# Time Tortoise: Time Segment Add and Delete

This is one in a series of articles about Time Tortoise, a Universal Windows Platform app for planning and tracking your work schedule. For more on the development of this app and the ideas behind it, see my Time Tortoise category page.

Over the past few weeks, I have been implementing time segments. Last week was about editing time segments. This week, it’s adding and deleting, with some digressions on unit testing.

Although a time tracker provides a convenient way to record when work starts and stops, sometimes you’ll forget to click that Start/Stop button at the appropriate time. So a time tracker needs to provide a way to add time segments to an activity after the fact, with start and end times entered manually rather than read from the system clock.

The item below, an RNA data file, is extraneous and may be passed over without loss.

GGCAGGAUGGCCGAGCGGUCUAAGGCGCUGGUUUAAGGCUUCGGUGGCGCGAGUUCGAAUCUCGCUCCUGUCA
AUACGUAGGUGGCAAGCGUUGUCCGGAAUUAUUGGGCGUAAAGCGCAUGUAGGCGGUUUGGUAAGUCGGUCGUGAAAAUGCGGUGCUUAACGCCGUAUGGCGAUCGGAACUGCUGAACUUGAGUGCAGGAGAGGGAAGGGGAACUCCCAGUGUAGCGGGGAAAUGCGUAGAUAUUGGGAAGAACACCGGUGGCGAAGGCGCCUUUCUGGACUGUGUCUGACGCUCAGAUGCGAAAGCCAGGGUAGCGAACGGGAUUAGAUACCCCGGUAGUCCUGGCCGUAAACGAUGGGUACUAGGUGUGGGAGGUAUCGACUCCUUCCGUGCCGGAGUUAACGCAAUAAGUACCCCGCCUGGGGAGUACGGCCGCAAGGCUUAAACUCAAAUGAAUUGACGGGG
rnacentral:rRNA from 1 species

Similarly, you might add a time segment (either manually or through the start/stop approach), and then later decide that you didn’t actually do any work during that time period. For that scenario, there’s the Delete button.

As described in past weeks, one activity can have many time segments. Entity Framework infers this relationship from the Time Tortoise model, in which Activity has a List<TimeSegment> TimeSegments property, and TimeSegment has an int ActivityId property. Also required are two properties of the Context class, DbSet<Activity> Activities and DbSet<TimeSegment> TimeSegments.

With these and other prerequisites in place, we’re ready to add and delete time segments.

The Add button under the time segment list in the UI calls AddTimeSegment in the main view model. The view model then creates a new TimeSegment and a new TimeSegmentViewModel. The model object gets added to a list that Entity Framework uses to keep track of time segment data. The view model object gets added to an observable collection that the UI uses to display the list of time segments.